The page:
Olafur Eliasson, ‘The shape of disappearing time’, 2016, Leeum, Samsung Museum of Art

The steel framework of this sculpture is an oloid, a geometrical shape created in 1929 by mathematician Paul Schatz, the inventor of the invertible cube. The oloid is derived from two interlocking circles in which the centre of one intersects the perimeter of the other. The resulting form is the subject of geometric research by Studio Olafur Eliasson and has been used in several artworks by Olafur Eliasson.
A lamp shines out from the center of the sculpture, reflecting light off the work’s numerous brass panels and casting a beguiling pattern of light and shadow onto the surroundings. Your movement around the artwork continually reveals new perspectives of the complex form, causing it to appear as a flurry of movement and light.

About Olafur Eliasson

“It is not just about decorating the world… but about taking responsibility,” Olafur Eliasson said of his practice in a 2009 TED Talk. Eliasson uses natural elements (like light, water, fog) and makeshift technical devices to transform museum galleries and public areas into immersive environments. Prompting reflection on the spaces surrounding us, for Green River (1998-2001) he poured bright green (environmentally safe) dye into rivers running through downtown L.A., Stockholm, Tokyo, and other cities to “show the turbulence in these downtown areas” and to remind passersby of the cities’ vitality. Similarly, by installing four large waterfalls in New York’s East River (2008), he intended to give the city a sense of dimension; Eliasson also famously installed a giant artificial sun inside the Tate Modern (The weather project, 2003). Known for their elegant simplicity and lack of materiality, his installations are rooted in a belief that art can create a space sensitive to both individual and collective.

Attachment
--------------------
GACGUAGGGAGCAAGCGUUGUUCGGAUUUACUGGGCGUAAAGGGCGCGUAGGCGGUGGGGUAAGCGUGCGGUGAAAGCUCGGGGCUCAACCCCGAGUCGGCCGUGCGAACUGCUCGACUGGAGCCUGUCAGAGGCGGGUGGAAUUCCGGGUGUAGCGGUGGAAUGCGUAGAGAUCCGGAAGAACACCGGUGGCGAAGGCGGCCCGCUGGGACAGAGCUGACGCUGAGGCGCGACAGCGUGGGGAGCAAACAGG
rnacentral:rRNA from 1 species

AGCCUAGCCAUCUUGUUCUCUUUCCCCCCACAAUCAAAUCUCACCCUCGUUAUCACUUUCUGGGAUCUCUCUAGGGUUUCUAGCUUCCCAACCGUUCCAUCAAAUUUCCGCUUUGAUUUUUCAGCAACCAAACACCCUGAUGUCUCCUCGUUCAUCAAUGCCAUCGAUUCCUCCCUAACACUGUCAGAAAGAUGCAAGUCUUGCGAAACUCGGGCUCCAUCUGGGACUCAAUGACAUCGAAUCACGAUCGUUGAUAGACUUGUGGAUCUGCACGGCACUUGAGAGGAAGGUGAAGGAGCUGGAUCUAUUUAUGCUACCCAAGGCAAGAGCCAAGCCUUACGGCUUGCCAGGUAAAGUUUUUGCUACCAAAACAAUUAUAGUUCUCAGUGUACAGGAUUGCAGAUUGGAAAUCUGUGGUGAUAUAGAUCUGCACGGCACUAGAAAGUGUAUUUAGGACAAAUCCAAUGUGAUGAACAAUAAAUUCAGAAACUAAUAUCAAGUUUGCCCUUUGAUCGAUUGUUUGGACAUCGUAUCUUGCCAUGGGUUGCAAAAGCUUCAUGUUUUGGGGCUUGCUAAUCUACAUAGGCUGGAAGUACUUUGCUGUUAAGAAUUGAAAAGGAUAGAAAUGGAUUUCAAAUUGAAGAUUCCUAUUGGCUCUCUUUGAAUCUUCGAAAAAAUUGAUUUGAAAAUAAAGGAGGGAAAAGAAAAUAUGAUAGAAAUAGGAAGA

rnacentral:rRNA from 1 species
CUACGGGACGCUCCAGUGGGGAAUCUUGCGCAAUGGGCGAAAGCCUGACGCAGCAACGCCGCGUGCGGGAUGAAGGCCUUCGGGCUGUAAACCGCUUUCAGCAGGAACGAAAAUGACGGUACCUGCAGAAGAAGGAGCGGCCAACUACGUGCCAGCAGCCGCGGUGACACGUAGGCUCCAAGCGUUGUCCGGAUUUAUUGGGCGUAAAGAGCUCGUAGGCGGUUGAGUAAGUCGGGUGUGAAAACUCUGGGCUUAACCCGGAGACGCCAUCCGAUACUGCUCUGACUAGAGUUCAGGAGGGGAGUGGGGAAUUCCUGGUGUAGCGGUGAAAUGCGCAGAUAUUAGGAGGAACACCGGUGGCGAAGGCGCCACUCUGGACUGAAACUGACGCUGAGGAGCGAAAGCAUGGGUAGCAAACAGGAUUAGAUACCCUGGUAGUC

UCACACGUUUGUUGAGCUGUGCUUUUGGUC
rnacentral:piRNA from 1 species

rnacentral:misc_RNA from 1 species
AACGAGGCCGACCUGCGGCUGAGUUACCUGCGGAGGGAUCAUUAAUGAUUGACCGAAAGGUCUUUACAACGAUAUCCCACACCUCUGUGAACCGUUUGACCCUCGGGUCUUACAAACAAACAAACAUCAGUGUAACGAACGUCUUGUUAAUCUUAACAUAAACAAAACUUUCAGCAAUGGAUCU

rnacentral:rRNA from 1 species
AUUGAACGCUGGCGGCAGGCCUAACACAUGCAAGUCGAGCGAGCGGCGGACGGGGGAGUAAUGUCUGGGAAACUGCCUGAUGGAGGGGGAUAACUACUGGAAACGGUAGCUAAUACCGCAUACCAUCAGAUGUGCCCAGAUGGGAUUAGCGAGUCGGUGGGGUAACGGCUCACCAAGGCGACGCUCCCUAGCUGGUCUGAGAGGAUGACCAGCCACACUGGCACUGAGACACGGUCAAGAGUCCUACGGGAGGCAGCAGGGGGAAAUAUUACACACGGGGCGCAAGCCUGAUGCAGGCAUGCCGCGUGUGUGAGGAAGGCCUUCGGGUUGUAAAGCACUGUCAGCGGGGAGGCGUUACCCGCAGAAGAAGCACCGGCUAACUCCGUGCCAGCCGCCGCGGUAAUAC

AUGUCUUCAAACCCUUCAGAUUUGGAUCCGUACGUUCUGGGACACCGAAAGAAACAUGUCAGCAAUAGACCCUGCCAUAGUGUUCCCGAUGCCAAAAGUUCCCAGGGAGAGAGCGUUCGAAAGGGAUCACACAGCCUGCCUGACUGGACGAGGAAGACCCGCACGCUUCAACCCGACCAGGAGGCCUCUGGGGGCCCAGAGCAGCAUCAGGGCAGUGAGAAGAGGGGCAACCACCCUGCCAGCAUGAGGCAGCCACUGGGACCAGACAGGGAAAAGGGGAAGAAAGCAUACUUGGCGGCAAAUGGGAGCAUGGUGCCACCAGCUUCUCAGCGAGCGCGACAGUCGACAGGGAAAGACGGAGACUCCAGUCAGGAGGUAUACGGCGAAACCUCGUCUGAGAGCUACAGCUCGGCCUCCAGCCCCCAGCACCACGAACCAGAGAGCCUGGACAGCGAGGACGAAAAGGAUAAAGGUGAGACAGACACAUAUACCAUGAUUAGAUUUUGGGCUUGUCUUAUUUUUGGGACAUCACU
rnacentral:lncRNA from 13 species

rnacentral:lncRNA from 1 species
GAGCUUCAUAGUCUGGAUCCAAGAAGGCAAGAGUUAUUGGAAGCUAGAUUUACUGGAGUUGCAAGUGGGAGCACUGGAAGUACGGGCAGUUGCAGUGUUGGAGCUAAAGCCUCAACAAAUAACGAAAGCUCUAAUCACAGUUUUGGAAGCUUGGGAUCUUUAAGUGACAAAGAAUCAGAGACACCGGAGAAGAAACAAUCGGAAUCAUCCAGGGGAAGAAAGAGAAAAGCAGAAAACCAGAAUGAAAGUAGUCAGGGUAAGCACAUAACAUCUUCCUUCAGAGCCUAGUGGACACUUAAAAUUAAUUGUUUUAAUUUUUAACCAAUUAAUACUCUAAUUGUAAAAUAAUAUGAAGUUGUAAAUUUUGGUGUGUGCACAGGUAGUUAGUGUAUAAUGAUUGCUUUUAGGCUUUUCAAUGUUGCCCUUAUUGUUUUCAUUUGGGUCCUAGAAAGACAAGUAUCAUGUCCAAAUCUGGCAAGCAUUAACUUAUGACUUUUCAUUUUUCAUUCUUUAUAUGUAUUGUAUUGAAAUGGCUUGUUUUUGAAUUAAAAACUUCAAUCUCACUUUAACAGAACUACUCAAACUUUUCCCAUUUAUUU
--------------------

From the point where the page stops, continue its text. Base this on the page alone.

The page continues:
Danish-Icelandic, b. 1967, Copenhagen, Denmark, based in Berlin, Germany